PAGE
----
Child Trafficking

Check out our Human Trafficking Resource Database, with information on anti-trafficking partners across the state.

New research on child trafficking is available in Volume 2, Issue 1 of the Journal of Applied Research on Children.

Human trafficking is a form of modern-day slavery and affects both foreigners and American citizens. It is defined as the recruitment, harboring, transportation, providing or obtaining of a person by means of force, fraud or coercion for the purpose of a commercial sex act or labor services. Trafficked persons usually suffer torture tactics including sexual abuse, imprisonment and starvation. Trafficking often involves elements of other crimes, including forcible rape, kidnapping, false imprisonment, and violations of labor and immigration codes. Human trafficking continues to be the second largest criminal industry in the world, after the weapon and drug trades. The global demand for sex and labor services provides a lucrative business for individuals as well as organized crime units. Women and children remain the most vulnerable victims.

Victims of human trafficking include foreigners who are brought across international borders, as well as U.S. citizens and residents who are trafficked within U.S. borders. On a global scale, approximately 800,000 people are trafficked each year and become victims of commercial sex exploitation and forced labor. Eighty percent of these victims are women and children.

There are two types of human trafficking: domestic and international. Human trafficking once was thought to be a problem beyond America’s borders. This is, however, very far from reality. Victims of human trafficking in the United States include both U.S. citizens and residents trafficked within its borders, as well as foreign nationals trafficked into the country from abroad.  Texas is considered a hub for both international and domestic trafficking.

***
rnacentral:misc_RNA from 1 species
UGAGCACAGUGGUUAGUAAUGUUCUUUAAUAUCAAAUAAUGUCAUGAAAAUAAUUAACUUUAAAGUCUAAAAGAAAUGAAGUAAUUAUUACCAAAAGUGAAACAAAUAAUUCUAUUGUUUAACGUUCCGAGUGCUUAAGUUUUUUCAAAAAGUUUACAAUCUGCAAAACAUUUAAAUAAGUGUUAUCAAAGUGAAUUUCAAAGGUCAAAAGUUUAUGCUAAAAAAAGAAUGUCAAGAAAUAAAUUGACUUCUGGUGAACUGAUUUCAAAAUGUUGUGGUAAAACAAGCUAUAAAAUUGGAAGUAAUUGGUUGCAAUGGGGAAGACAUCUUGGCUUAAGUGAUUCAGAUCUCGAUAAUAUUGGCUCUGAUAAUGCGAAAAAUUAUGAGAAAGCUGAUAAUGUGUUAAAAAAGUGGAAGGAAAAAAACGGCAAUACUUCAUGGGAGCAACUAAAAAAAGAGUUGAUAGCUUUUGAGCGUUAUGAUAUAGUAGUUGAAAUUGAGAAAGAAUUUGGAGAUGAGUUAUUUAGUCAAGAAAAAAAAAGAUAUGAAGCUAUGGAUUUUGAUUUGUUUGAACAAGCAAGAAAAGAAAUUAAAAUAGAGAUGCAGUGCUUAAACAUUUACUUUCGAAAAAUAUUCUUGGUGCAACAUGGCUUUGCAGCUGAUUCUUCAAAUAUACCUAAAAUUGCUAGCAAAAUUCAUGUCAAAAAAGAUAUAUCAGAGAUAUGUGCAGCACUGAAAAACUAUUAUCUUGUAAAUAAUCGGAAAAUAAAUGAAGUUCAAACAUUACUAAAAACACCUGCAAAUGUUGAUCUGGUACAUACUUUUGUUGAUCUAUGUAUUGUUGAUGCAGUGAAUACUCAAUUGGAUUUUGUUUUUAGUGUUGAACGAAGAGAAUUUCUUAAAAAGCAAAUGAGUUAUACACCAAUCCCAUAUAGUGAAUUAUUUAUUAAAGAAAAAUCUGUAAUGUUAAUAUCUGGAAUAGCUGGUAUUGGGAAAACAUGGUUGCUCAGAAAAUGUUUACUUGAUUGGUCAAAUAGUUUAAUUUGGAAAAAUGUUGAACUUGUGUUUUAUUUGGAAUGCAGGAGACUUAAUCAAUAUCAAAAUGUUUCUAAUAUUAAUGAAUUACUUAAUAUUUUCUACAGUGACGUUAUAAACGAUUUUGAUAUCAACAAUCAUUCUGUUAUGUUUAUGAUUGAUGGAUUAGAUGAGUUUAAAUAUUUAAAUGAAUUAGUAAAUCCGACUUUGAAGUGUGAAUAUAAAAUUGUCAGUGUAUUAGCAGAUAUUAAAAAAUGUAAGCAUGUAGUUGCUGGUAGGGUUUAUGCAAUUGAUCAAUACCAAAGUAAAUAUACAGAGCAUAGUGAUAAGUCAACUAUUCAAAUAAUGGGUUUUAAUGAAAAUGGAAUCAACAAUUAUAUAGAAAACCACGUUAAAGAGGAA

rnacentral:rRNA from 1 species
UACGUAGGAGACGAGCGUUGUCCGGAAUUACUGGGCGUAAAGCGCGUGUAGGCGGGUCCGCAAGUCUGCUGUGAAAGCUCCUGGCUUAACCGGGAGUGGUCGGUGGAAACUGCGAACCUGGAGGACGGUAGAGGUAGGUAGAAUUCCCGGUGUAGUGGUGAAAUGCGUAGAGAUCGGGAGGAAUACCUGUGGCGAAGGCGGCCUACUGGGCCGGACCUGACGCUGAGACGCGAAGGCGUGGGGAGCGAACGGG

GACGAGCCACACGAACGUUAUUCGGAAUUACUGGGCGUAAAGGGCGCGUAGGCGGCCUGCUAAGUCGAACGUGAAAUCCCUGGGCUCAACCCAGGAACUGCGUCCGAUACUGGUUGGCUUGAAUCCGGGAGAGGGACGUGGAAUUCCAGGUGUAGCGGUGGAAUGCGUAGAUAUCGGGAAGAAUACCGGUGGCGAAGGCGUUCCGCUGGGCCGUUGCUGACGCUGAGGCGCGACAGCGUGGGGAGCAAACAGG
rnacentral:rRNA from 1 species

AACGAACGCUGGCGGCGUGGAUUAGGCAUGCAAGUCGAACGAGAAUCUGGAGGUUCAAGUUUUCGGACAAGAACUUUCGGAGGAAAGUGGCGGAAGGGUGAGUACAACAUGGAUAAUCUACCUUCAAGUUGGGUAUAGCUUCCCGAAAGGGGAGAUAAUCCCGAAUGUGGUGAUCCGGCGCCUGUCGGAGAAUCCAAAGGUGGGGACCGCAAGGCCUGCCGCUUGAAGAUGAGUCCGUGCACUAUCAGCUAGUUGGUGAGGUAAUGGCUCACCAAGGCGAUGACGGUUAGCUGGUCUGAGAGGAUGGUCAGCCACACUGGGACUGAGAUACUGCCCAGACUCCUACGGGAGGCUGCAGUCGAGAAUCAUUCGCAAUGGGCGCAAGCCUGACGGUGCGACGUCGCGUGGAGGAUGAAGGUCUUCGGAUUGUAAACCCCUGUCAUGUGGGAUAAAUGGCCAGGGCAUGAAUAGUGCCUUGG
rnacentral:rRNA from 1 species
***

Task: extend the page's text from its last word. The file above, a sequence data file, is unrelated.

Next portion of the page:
The internal or “domestic” component of human trafficking is much larger than the international one. Nationally, more than 200,000 American children are at risk for being lured into sex trafficking each year. Sex trafficking is the largest form of domestic human trafficking. Traffickers coerce women and children to enter the commercial sex industry through the use of a variety of recruitment and control mechanisms. Victims are often recruited to work in strip clubs, and to prostitute on the streets, for escort services, and in brothels. Vulnerable youth, such as runaway and homeless children, are particularly at risk for being targeted by pimps. The average age of entry into prostitution in the United States is 12-14 years old. Labor trafficking is another form of domestic human trafficking and often takes place in such locations as restaurants, the agricultural industry, traveling carnivals, peddling/begging rings, and in traveling sales crews.

On the international side of the issue, it is estimated that between 14,500 and 17,500 people are trafficked into the U.S. each year. The United States is a major destination for traffickers for both sexual and labor exploitation. Foreign trafficking victims come from all parts of the world, primarily from Asia, Latin America, Eastern Europe, and Africa. Sex trafficking cases of foreigners are known to occur in a wide variety of locations in the commercial sex industry, such as massage parlors, cantinas, hostess clubs, commercially-fronted brothels, residential brothels, escort services, and strip clubs. Labor trafficking of foreign nationals often occurs as domestic servitude in private homes, in small independently-owned family businesses such as restaurants or nail salons, in peddling and begging rings, and in larger-scale labor environments such as agricultural farms or large sweatshop-like factories. Often, businesses, where labor trafficking takes place, are legitimate, although certain workers are forced to work for no or little pay. International labor trafficking involves also both documented and undocumented migrant workers.

  • Learn more about the important legislation regarding child trafficking that passed during the previous Texas Legislative Session by viewing CHILDREN AT RISK’s 82nd Legislative Report.

RESOURCES:
Child Trafficking in Texas
The Texas Safe House Report
Texas Human Trafficking Legislation
Federal Human Trafficking Legislation
‘The State of Human Trafficking in Texas’
Center to End the Trafficking & Exploitation of Children
Journal of Applied Research on Children, Vol. 2, Iss. 1
Map of Sexually Oriented Businesses in Houston
Sex Trafficking 101 Presentation

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